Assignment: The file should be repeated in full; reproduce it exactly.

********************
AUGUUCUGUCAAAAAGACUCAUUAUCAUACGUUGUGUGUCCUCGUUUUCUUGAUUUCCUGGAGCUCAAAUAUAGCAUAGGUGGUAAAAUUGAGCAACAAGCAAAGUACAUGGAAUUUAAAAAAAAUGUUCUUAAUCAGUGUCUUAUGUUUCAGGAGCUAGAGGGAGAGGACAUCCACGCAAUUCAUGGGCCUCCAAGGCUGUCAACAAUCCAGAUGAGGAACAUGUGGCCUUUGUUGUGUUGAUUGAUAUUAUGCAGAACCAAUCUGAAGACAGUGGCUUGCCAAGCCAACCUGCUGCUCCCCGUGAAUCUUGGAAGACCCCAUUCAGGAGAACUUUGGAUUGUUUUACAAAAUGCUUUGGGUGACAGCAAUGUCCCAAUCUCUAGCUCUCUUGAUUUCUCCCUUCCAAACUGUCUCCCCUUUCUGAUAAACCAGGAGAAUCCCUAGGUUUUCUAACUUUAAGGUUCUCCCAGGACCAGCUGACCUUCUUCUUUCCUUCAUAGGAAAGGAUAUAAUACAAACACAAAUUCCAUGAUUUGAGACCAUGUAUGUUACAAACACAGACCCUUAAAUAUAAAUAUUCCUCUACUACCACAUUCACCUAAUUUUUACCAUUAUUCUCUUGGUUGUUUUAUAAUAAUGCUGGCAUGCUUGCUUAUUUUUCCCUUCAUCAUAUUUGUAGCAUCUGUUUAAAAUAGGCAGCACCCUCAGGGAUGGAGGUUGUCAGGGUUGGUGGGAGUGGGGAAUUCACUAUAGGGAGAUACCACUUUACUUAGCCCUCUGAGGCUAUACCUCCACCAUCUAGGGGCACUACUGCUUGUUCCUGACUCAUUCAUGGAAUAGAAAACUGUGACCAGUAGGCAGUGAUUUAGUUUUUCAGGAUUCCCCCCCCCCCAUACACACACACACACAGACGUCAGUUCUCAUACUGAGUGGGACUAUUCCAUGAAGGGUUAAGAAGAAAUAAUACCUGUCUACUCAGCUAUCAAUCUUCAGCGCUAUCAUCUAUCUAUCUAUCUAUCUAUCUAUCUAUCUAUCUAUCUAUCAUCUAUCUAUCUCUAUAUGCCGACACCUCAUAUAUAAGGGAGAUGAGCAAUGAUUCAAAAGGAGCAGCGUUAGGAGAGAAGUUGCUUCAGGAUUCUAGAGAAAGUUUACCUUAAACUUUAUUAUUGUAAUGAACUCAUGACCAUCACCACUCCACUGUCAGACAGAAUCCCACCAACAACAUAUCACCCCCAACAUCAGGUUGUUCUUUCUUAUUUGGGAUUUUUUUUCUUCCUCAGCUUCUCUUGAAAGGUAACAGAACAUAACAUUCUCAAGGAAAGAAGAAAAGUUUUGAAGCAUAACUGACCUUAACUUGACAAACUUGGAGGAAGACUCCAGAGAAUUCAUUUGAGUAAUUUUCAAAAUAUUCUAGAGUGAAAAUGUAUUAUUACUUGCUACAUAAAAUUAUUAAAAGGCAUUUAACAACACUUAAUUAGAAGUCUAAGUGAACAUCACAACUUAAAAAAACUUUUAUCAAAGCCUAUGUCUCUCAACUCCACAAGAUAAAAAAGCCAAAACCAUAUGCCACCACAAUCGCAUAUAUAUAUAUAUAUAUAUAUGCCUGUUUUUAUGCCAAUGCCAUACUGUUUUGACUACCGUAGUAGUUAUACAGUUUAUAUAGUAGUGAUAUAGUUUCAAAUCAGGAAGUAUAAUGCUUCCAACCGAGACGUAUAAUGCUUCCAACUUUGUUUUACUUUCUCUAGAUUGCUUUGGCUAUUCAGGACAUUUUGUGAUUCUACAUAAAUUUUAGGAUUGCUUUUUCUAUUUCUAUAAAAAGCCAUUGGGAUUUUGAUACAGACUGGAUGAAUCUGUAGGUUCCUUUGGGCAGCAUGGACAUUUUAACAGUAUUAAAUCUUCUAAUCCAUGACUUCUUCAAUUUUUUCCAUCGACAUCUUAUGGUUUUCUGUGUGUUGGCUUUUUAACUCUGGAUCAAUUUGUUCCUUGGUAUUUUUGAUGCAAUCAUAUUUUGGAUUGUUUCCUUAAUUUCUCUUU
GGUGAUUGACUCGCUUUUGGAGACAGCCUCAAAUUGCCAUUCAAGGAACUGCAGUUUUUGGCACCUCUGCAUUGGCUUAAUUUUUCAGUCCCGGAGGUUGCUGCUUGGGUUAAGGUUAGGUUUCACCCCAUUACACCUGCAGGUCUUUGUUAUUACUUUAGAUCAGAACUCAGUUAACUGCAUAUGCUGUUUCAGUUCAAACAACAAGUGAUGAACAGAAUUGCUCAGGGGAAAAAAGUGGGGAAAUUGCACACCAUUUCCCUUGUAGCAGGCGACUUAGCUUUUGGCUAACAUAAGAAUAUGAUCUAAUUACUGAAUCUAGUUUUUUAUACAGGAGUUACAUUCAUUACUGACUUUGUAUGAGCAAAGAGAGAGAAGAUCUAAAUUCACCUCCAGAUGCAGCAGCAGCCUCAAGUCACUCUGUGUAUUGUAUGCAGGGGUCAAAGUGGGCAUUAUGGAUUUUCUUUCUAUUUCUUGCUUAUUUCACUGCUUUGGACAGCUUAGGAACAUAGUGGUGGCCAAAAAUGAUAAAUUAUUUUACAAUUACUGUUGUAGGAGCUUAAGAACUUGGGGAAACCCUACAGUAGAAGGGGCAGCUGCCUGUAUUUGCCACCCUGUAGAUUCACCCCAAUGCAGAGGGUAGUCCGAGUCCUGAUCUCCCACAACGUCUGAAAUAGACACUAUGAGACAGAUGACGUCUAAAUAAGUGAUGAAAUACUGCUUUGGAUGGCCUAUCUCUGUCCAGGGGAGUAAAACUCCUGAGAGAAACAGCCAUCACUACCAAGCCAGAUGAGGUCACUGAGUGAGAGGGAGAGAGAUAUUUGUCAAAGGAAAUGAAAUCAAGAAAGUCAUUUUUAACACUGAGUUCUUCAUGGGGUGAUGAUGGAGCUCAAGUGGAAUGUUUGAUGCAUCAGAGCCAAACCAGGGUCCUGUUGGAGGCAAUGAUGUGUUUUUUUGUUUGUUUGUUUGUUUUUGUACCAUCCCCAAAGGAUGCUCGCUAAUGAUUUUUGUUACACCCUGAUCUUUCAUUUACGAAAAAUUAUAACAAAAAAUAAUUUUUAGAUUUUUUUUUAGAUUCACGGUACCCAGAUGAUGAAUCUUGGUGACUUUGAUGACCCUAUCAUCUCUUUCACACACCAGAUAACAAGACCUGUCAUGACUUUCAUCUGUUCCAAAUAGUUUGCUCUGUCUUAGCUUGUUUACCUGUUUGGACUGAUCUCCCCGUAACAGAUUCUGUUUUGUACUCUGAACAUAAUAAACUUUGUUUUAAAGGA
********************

AUGUUCUGUCAAAAAGACUCAUUAUCAUACGUUGUGUGUCCUCGUUUUCUUGAUUUCCUGGAGCUCAAAUAUAGCAUAGGUGGUAAAAUUGAGCAACAAGCAAAGUACAUGGAAUUUAAAAAAAAUGUUCUUAAUCAGUGUCUUAUGUUUCAGGAGCUAGAGGGAGAGGACAUCCACGCAAUUCAUGGGCCUCCAAGGCUGUCAACAAUCCAGAUGAGGAACAUGUGGCCUUUGUUGUGUUGAUUGAUAUUAUGCAGAACCAAUCUGAAGACAGUGGCUUGCCAAGCCAACCUGCUGCUCCCCGUGAAUCUUGGAAGACCCCAUUCAGGAGAACUUUGGAUUGUUUUACAAAAUGCUUUGGGUGACAGCAAUGUCCCAAUCUCUAGCUCUCUUGAUUUCUCCCUUCCAAACUGUCUCCCCUUUCUGAUAAACCAGGAGAAUCCCUAGGUUUUCUAACUUUAAGGUUCUCCCAGGACCAGCUGACCUUCUUCUUUCCUUCAUAGGAAAGGAUAUAAUACAAACACAAAUUCCAUGAUUUGAGACCAUGUAUGUUACAAACACAGACCCUUAAAUAUAAAUAUUCCUCUACUACCACAUUCACCUAAUUUUUACCAUUAUUCUCUUGGUUGUUUUAUAAUAAUGCUGGCAUGCUUGCUUAUUUUUCCCUUCAUCAUAUUUGUAGCAUCUGUUUAAAAUAGGCAGCACCCUCAGGGAUGGAGGUUGUCAGGGUUGGUGGGAGUGGGGAAUUCACUAUAGGGAGAUACCACUUUACUUAGCCCUCUGAGGCUAUACCUCCACCAUCUAGGGGCACUACUGCUUGUUCCUGACUCAUUCAUGGAAUAGAAAACUGUGACCAGUAGGCAGUGAUUUAGUUUUUCAGGAUUCCCCCCCCCCCAUACACACACACACACAGACGUCAGUUCUCAUACUGAGUGGGACUAUUCCAUGAAGGGUUAAGAAGAAAUAAUACCUGUCUACUCAGCUAUCAAUCUUCAGCGCUAUCAUCUAUCUAUCUAUCUAUCUAUCUAUCUAUCUAUCUAUCUAUCAUCUAUCUAUCUCUAUAUGCCGACACCUCAUAUAUAAGGGAGAUGAGCAAUGAUUCAAAAGGAGCAGCGUUAGGAGAGAAGUUGCUUCAGGAUUCUAGAGAAAGUUUACCUUAAACUUUAUUAUUGUAAUGAACUCAUGACCAUCACCACUCCACUGUCAGACAGAAUCCCACCAACAACAUAUCACCCCCAACAUCAGGUUGUUCUUUCUUAUUUGGGAUUUUUUUUCUUCCUCAGCUUCUCUUGAAAGGUAACAGAACAUAACAUUCUCAAGGAAAGAAGAAAAGUUUUGAAGCAUAACUGACCUUAACUUGACAAACUUGGAGGAAGACUCCAGAGAAUUCAUUUGAGUAAUUUUCAAAAUAUUCUAGAGUGAAAAUGUAUUAUUACUUGCUACAUAAAAUUAUUAAAAGGCAUUUAACAACACUUAAUUAGAAGUCUAAGUGAACAUCACAACUUAAAAAAACUUUUAUCAAAGCCUAUGUCUCUCAACUCCACAAGAUAAAAAAGCCAAAACCAUAUGCCACCACAAUCGCAUAUAUAUAUAUAUAUAUAUAUGCCUGUUUUUAUGCCAAUGCCAUACUGUUUUGACUACCGUAGUAGUUAUACAGUUUAUAUAGUAGUGAUAUAGUUUCAAAUCAGGAAGUAUAAUGCUUCCAACCGAGACGUAUAAUGCUUCCAACUUUGUUUUACUUUCUCUAGAUUGCUUUGGCUAUUCAGGACAUUUUGUGAUUCUACAUAAAUUUUAGGAUUGCUUUUUCUAUUUCUAUAAAAAGCCAUUGGGAUUUUGAUACAGACUGGAUGAAUCUGUAGGUUCCUUUGGGCAGCAUGGACAUUUUAACAGUAUUAAAUCUUCUAAUCCAUGACUUCUUCAAUUUUUUCCAUCGACAUCUUAUGGUUUUCUGUGUGUUGGCUUUUUAACUCUGGAUCAAUUUGUUCCUUGGUAUUUUUGAUGCAAUCAUAUUUUGGAUUGUUUCCUUAAUUUCUCUUU
GGUGAUUGACUCGCUUUUGGAGACAGCCUCAAAUUGCCAUUCAAGGAACUGCAGUUUUUGGCACCUCUGCAUUGGCUUAAUUUUUCAGUCCCGGAGGUUGCUGCUUGGGUUAAGGUUAGGUUUCACCCCAUUACACCUGCAGGUCUUUGUUAUUACUUUAGAUCAGAACUCAGUUAACUGCAUAUGCUGUUUCAGUUCAAACAACAAGUGAUGAACAGAAUUGCUCAGGGGAAAAAAGUGGGGAAAUUGCACACCAUUUCCCUUGUAGCAGGCGACUUAGCUUUUGGCUAACAUAAGAAUAUGAUCUAAUUACUGAAUCUAGUUUUUUAUACAGGAGUUACAUUCAUUACUGACUUUGUAUGAGCAAAGAGAGAGAAGAUCUAAAUUCACCUCCAGAUGCAGCAGCAGCCUCAAGUCACUCUGUGUAUUGUAUGCAGGGGUCAAAGUGGGCAUUAUGGAUUUUCUUUCUAUUUCUUGCUUAUUUCACUGCUUUGGACAGCUUAGGAACAUAGUGGUGGCCAAAAAUGAUAAAUUAUUUUACAAUUACUGUUGUAGGAGCUUAAGAACUUGGGGAAACCCUACAGUAGAAGGGGCAGCUGCCUGUAUUUGCCACCCUGUAGAUUCACCCCAAUGCAGAGGGUAGUCCGAGUCCUGAUCUCCCACAACGUCUGAAAUAGACACUAUGAGACAGAUGACGUCUAAAUAAGUGAUGAAAUACUGCUUUGGAUGGCCUAUCUCUGUCCAGGGGAGUAAAACUCCUGAGAGAAACAGCCAUCACUACCAAGCCAGAUGAGGUCACUGAGUGAGAGGGAGAGAGAUAUUUGUCAAAGGAAAUGAAAUCAAGAAAGUCAUUUUUAACACUGAGUUCUUCAUGGGGUGAUGAUGGAGCUCAAGUGGAAUGUUUGAUGCAUCAGAGCCAAACCAGGGUCCUGUUGGAGGCAAUGAUGUGUUUUUUUGUUUGUUUGUUUGUUUUUGUACCAUCCCCAAAGGAUGCUCGCUAAUGAUUUUUGUUACACCCUGAUCUUUCAUUUACGAAAAAUUAUAACAAAAAAUAAUUUUUAGAUUUUUUUUUAGAUUCACGGUACCCAGAUGAUGAAUCUUGGUGACUUUGAUGACCCUAUCAUCUCUUUCACACACCAGAUAACAAGACCUGUCAUGACUUUCAUCUGUUCCAAAUAGUUUGCUCUGUCUUAGCUUGUUUACCUGUUUGGACUGAUCUCCCCGUAACAGAUUCUGUUUUGUACUCUGAACAUAAUAAACUUUGUUUUAAAGGA